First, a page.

He has two NFL championship rings, a bronze bust that sits in the Pro Football Hall of Fame and the gratitude of Baltimore Colts fans who saw him play. Today, before 900 students at a high school assembly in his hometown, Raymond Berry will receive a plaque acknowledging the accomplishments of the skinny, near-sighted kid from Paris, Texas.
It's a stirring honor for Berry, 79, one of the greatest receivers of all time. He can guess the audience's reaction.
"The kids will sit there, look at each other and say, 'Who the hell is this?' " he said, laughing. "This is ancient history to them. They haven't a clue."
Berry's memories are all that matter. It was at Paris High where, as a two-way end, he played football for his father, called plays in the huddle and led the Wildcats to their first district championship in 1949.
"That team was my world from age 6, when I stood on the sidelines wearing the Wildcats mascot uniform during games," he said. "Those high school boys were my heroes; our colors were blue and white.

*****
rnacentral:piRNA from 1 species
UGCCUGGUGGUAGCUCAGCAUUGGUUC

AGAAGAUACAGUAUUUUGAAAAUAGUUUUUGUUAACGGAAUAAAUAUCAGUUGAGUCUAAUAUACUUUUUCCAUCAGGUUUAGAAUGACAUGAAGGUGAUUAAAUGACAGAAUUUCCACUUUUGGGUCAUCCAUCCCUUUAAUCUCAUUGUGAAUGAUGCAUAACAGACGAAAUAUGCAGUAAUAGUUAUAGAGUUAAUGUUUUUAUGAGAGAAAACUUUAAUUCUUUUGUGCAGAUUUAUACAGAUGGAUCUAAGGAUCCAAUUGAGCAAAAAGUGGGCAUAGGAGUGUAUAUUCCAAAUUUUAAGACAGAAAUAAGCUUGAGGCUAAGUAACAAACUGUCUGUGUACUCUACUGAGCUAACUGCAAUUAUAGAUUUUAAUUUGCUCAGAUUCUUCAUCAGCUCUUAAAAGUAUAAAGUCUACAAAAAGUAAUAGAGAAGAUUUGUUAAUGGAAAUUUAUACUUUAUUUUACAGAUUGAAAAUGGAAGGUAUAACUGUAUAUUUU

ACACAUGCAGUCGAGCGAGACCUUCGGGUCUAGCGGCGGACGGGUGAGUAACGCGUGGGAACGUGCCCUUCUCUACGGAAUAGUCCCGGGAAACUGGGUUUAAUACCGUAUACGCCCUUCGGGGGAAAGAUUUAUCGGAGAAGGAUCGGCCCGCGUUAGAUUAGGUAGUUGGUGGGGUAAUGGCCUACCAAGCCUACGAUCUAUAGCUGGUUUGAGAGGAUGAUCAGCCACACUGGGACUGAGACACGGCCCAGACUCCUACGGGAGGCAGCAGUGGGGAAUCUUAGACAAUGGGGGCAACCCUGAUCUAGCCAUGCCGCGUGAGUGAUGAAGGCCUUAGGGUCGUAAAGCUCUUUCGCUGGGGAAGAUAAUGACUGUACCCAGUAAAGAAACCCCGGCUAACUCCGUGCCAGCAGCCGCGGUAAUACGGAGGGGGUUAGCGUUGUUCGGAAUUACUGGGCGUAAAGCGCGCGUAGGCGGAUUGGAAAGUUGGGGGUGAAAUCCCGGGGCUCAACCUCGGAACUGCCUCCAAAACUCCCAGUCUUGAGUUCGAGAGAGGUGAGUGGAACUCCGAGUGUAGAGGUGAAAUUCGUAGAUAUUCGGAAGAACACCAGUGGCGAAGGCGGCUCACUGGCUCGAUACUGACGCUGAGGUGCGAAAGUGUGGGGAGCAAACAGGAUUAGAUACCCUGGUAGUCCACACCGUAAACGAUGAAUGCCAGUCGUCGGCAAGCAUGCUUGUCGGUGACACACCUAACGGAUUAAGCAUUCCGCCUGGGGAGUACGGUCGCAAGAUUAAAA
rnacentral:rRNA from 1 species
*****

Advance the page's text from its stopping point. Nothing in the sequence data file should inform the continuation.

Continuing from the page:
"When we won the districts, 13-7 at Gainesville on Thanksgiving Day, well . . . nothing ever topped that experience," Berry said. "Only two things have tied it – the Dec. 28, 1958 overtime win against the (New York) Giants, for the NFL title, and New England's 1986 AFC championship win over Miami, when I was the Patriots' head coach."
Sixty-two years after graduation, Berry will be honored as part of the Hometown Hall of Famers, a national program established by the Pro Football Hall of Fame and Allstate Insurance, to salute the roots of some of the game's greatest players. Begun last year, the program is expected to fete 90 Hall of Famers by 2015, including Roger Staubach, Bart Starr, Joe Namath, Ozzie Newsome, Rod Woodson, Willie Lanier and Art Shell.
At today's assembly, Berry will be introduced by Sammy Morrow, a tailback on his Paris team.
"Raymond Emmett was small in body but he had big feet. We called him 'Skis,' " Morrow said. "He caught, maybe, 27 passes in high school, because we ran the single wing and only passed if it was, like, third-and-eight. But his daddy taught him the proper way to catch a pass. His daddy had a saying: 'If you can touch it, you can catch it.' "
Upon accepting his award, Berry will present it to his alma mater, where the plaque will be mounted on a wall in the school's rotunda.
"It should serve as an inspiration to our kids to know that the school they attend is the one that holds to roots of people who've made their mark in the world to the degree that (Berry) has," principal Gary Preston said.
"He did some pretty amazing things when he left here."
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